Campus Units

Ecology, Evolution and Organismal Biology

Document Type

Article

Publication Version

Published Version

Publication Date

6-19-2014

Journal or Book Title

PLoS One

Volume

9

Issue

6

First Page

e100275

DOI

10.1371/journal.pone.0100275

Abstract

Young secondary forests and plantations in the moist tropics often have rapid rates of biomass accumulation and thus sequester large amounts of carbon. Here, we compare results from mature forest and nearby 15–20 year old tree plantations in lowland Costa Rica to evaluate differences in allocation of carbon to aboveground production and root systems. We found that the tree plantations, which had fully developed, closed canopies, allocated more carbon belowground - to their root systems - than did mature forest. This increase in belowground carbon allocation correlated significantly with aboveground tree growth but not with canopy production (i.e., leaf fall or fine litter production). In contrast, there were no correlations between canopy production and either tree growth or belowground carbon allocation. Enhanced allocation of carbon to root systems can enhance plant nutrient uptake, providing nutrients beyond those required for the production of short-lived tissues such as leaves and fine roots, and thus enabling biomass accumulation. Our analyses support this deduction at our site, showing that enhanced allocation of carbon to root systems can be an important mechanism promoting biomass accumulation during forest growth in the moist tropics. Identifying factors that control when, where and for how long this occurs would help us to improve models of forest growth and nutrient cycling, and to ascertain the role that young forests play in mitigating increased atmospheric carbon dioxide.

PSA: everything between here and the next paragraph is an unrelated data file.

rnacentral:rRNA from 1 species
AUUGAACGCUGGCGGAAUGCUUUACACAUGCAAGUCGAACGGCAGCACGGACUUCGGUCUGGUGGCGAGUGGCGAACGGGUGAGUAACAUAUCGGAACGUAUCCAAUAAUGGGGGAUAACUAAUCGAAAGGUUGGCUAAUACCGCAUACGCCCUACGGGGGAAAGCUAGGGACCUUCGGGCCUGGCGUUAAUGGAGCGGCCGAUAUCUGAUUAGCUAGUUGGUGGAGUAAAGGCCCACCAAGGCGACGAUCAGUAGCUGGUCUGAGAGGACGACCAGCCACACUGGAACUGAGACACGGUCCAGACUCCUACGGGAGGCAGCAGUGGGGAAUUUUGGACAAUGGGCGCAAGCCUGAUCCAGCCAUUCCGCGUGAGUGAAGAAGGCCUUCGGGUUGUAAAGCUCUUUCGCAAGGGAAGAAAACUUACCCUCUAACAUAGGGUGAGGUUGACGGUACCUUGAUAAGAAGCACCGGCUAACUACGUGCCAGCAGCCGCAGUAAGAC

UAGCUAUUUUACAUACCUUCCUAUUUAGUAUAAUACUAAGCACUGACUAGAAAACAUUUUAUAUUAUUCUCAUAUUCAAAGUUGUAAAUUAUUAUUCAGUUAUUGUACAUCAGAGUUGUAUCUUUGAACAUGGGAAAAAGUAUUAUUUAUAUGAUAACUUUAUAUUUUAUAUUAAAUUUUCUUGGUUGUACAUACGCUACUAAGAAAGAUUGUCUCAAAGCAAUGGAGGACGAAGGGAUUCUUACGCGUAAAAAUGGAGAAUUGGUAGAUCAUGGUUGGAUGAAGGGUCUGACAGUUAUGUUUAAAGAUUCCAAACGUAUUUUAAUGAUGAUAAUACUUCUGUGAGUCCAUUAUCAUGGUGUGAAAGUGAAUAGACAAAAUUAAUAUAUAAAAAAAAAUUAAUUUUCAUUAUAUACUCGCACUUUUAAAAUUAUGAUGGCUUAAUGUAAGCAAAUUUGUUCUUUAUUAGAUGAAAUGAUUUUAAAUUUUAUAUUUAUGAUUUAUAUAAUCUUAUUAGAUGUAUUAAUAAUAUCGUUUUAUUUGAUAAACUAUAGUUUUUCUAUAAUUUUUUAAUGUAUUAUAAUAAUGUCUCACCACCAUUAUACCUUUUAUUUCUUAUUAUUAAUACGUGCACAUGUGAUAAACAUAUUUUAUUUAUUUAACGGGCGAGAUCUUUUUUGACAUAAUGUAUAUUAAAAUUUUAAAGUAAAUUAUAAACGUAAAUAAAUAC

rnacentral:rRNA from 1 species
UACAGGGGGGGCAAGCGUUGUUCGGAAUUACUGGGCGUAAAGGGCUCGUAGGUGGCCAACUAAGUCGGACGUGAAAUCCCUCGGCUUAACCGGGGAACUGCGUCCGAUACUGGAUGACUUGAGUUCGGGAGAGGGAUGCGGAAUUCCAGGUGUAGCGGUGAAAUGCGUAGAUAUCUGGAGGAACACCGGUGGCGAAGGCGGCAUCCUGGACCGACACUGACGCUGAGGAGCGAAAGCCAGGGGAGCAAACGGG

Comments

This article is published as Raich, James W., Deborah A. Clark, Luitgard Schwendenmann, and Tana E. Wood. "Aboveground tree growth varies with belowground carbon allocation in a tropical rainforest environment." PLoS One 9, no. 6 (2014): e100275. 10.1371/journal.pone.0100275. Posted with permission.

Rights

Works produced by employees of the U.S. Government as part of their official duties are not copyrighted within the U.S. The content of this document is not copyrighted.

Language

en

File Format

application/pdf

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